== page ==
At sentencing, Assistant U.S. Attorney Reagan Taylor told the court that prosecutors could not be certain that it was Babb who fatally shot Brown, and that the lesser crime of assault was more appropriate.
Of the gunshots related to Brown’s death, the first seven shots were not fired by Babb, Taylor explained.
“It’s true; we cannot say which bullet killed Mr. Brown,” Taylor said.
According to the government’s proffer of facts in the case, on the morning of June 20, 2012, Babb and others were inside an apartment in the 1700 block of 17th street Southeast when they heard multiple gunshots in front of the building. Babb ran outside to see what was happening and encountered a person in a wheelchair seated in front of the building’s entrance. The man in the wheelchair handed Babb a .40 caliber semi-automatic handgun and directed him to another person who was outside.
Babb took the gun and ran across the street to the corner of his Ford Explorer truck. From that vantage point, Babb saw a man seated and slumped against a Chevy Malibu which was parked on the opposite side of the street.
Babb crouched near the corner of his truck, extended his arm toward the man, and fired the gun in his direction. After the first shot, Babb attempted to fire a second time, but the gun jammed, according to documents in the case.
Brown died at the hospital from multiple gunshot wounds. Eight .40 caliber casings were recovered from the vicinity of the incident. And Shot Spotter indicated that seven shots were fired in rapid succession at approximately 1:52 a.m. About 50 seconds later, a single shot was fired.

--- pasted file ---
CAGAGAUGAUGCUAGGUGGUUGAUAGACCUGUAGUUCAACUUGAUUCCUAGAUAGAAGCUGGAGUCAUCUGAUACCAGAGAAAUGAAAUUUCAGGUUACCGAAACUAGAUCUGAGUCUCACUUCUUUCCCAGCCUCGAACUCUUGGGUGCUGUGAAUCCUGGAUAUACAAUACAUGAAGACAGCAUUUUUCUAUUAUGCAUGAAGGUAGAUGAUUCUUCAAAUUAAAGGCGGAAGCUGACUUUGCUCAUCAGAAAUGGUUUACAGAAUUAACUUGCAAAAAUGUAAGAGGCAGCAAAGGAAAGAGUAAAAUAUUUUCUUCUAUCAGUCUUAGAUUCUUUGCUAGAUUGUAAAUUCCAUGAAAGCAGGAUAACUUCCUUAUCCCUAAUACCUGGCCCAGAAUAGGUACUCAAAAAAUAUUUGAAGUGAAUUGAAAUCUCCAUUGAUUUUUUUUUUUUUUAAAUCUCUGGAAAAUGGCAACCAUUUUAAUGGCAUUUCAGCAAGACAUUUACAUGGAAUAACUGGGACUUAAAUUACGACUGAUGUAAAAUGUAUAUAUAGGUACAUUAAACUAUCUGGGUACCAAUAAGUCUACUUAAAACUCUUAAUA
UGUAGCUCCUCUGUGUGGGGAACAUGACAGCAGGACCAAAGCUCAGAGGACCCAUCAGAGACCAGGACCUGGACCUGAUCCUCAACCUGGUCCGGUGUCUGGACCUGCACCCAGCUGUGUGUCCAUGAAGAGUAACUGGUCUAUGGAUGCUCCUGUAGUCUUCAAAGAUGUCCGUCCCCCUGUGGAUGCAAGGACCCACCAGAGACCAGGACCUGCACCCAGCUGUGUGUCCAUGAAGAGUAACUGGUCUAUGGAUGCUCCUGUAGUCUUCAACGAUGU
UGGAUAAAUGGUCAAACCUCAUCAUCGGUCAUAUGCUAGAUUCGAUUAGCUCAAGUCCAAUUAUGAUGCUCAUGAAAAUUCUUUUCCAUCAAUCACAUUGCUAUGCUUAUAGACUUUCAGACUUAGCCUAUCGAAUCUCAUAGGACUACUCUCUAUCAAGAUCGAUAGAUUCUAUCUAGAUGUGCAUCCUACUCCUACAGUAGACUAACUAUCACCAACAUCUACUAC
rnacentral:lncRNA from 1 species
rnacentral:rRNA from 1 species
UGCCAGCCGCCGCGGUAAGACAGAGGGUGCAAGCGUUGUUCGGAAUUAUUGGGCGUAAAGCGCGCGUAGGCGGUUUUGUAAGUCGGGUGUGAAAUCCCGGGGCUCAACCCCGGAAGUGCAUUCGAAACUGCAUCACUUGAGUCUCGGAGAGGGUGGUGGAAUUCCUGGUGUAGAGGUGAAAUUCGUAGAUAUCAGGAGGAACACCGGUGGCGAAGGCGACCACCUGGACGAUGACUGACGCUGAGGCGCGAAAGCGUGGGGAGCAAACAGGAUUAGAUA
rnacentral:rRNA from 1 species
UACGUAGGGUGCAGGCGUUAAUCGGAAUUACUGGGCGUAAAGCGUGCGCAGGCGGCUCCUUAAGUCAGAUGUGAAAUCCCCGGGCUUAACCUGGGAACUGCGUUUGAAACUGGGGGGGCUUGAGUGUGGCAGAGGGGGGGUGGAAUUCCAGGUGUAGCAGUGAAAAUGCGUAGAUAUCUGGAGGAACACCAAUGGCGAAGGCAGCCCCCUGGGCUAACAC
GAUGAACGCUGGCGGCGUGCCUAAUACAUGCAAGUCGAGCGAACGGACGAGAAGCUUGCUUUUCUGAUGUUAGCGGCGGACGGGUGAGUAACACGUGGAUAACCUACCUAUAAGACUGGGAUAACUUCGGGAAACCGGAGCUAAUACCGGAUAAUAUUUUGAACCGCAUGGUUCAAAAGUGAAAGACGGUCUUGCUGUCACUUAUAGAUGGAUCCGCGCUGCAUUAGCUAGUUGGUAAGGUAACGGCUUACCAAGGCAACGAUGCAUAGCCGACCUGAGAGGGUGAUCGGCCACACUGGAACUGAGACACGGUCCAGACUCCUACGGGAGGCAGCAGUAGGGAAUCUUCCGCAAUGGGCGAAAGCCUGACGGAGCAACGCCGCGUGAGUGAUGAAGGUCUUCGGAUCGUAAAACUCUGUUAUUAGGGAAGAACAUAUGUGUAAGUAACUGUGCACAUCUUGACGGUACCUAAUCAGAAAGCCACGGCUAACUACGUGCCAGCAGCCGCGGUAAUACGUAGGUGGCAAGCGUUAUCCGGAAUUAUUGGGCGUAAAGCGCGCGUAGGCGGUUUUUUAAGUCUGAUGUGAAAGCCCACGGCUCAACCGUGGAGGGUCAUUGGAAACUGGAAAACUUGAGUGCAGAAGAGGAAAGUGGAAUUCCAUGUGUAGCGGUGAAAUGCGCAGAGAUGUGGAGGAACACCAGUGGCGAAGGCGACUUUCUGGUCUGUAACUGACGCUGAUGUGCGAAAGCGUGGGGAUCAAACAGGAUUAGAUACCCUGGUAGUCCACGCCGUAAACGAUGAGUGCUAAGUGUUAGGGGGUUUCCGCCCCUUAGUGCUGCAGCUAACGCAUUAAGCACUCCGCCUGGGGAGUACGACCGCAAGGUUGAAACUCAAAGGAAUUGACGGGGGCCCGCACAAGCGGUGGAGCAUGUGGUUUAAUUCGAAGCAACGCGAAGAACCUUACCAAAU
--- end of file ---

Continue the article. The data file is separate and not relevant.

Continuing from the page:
“This is one of the most unusual cases that I have ever seen,” Judge Thomas Motley said Friday. “The fact of the situation is, we don’t know which shot killed him. And we’ll never know the answer to that question.”
Babb’s defense attorney, Eugene Ohm, said that Babb did not find out until later that Brown had been shot. The men were close friends, Ohm said.
“I’m sorry and I hope everybody accepts my apology,” Babb said while weeping in court Friday. “I go to sleep every night thinking about what happened.”
Babb was arrested the same day Brown was killed, but only after barricading himself in an apartment and engaging in an eight hour long standoff with police. In September, three months after the shooting, he pled guilty to assault with a dangerous weapon while armed.
During pre-sentence allocution, Ohm said that Babb came forward with information about the case before anyone else. Ohm also stated that he had urged Babb to take the case to trial, but Babb refused.
“Under the circumstances, what you did afterwards is commendable,” Judge Motley said to Babb.
At sentencing, Taylor said that the plea agreement for assault with a dangerous weapon was reached because prosecutors could not prove that it was Babb who fatally shot Brown.
Sentencing documents are below.
Correction:This story originally said the government could not prove Babb was guilty of murder. It has been updated to say prosecutors couldn’t be certain Babb fired the shot that killed Brown. Further, prosecutors rejected the argument that Babb might have acted in self-defense.
The government’s sentencing memorandum has been added to the documents in this post.